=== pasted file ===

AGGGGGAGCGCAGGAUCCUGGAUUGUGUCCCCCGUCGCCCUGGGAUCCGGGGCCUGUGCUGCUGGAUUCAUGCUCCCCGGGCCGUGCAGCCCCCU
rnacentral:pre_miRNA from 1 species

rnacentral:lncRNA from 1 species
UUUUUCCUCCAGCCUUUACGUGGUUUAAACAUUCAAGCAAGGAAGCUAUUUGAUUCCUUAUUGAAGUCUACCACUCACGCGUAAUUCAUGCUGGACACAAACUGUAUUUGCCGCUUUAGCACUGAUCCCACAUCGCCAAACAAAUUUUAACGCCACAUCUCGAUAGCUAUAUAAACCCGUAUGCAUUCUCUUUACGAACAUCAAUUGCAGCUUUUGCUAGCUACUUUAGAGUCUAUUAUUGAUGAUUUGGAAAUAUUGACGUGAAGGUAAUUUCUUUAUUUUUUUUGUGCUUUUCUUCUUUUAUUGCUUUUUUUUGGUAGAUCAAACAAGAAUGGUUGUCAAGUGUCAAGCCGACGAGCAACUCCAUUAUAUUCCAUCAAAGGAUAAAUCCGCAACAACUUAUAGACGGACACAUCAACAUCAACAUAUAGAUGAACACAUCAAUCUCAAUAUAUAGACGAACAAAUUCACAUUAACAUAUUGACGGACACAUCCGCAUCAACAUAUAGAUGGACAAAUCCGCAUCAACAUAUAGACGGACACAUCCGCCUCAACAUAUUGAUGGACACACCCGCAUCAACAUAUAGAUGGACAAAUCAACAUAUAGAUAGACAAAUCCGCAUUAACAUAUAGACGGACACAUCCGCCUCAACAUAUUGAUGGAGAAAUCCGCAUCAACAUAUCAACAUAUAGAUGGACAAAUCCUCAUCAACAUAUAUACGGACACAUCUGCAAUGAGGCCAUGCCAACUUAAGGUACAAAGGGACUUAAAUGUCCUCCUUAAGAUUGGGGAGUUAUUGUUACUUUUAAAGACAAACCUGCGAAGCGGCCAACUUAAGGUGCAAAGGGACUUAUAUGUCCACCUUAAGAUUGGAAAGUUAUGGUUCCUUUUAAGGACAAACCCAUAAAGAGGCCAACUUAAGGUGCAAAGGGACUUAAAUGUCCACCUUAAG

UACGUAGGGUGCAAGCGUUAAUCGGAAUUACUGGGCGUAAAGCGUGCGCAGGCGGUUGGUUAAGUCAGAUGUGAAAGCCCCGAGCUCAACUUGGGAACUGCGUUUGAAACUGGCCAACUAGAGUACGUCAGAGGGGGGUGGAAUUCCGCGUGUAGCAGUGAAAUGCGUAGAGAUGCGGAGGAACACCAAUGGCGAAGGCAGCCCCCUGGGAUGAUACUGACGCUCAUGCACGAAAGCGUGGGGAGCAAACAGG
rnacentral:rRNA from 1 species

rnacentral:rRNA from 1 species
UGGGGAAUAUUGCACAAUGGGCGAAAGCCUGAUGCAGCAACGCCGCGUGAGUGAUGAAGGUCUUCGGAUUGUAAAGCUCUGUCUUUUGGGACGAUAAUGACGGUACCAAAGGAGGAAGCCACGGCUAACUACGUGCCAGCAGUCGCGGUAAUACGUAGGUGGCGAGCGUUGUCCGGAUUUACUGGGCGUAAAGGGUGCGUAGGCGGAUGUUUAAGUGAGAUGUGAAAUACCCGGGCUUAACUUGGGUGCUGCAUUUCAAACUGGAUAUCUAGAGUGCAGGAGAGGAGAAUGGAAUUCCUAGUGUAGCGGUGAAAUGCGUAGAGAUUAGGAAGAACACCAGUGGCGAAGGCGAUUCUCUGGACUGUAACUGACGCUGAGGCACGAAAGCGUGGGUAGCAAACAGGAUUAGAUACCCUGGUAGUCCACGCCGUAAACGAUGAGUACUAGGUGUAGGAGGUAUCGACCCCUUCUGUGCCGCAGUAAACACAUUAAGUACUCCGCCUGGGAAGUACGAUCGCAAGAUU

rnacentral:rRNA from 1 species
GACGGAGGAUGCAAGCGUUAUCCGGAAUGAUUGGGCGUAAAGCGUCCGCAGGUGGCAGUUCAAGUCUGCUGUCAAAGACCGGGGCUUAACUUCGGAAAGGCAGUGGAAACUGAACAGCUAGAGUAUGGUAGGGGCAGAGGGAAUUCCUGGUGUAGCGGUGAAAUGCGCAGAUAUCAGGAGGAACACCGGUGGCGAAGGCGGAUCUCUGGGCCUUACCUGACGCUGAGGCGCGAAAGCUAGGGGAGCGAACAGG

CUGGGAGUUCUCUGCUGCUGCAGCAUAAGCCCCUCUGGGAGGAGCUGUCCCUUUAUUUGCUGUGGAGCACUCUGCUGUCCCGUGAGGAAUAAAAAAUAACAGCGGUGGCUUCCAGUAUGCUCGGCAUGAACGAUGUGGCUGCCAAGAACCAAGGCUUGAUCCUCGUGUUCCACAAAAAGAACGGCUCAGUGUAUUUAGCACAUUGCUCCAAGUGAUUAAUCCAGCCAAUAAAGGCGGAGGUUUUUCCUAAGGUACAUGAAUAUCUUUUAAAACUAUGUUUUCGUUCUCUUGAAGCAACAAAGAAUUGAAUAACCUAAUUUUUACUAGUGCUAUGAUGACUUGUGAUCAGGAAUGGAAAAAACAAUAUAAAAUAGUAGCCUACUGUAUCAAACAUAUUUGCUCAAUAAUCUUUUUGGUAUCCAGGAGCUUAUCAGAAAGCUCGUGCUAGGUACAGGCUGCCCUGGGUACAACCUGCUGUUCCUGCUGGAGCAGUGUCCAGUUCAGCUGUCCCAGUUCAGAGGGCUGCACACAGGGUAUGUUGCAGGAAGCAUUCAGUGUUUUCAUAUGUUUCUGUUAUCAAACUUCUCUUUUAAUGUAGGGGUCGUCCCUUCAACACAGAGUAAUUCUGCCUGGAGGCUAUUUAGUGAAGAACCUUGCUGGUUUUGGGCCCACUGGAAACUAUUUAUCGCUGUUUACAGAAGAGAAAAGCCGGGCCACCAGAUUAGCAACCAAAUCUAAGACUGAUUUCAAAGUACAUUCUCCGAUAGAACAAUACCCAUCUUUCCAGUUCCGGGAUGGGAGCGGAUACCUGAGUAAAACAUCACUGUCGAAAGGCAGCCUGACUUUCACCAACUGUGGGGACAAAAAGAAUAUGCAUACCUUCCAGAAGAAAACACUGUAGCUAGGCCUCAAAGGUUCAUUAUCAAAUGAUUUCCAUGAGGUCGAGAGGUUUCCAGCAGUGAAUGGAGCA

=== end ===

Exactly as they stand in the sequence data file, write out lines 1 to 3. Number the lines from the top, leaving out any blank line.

AGGGGGAGCGCAGGAUCCUGGAUUGUGUCCCCCGUCGCCCUGGGAUCCGGGGCCUGUGCUGCUGGAUUCAUGCUCCCCGGGCCGUGCAGCCCCCU
rnacentral:pre_miRNA from 1 species

rnacentral:lncRNA from 1 species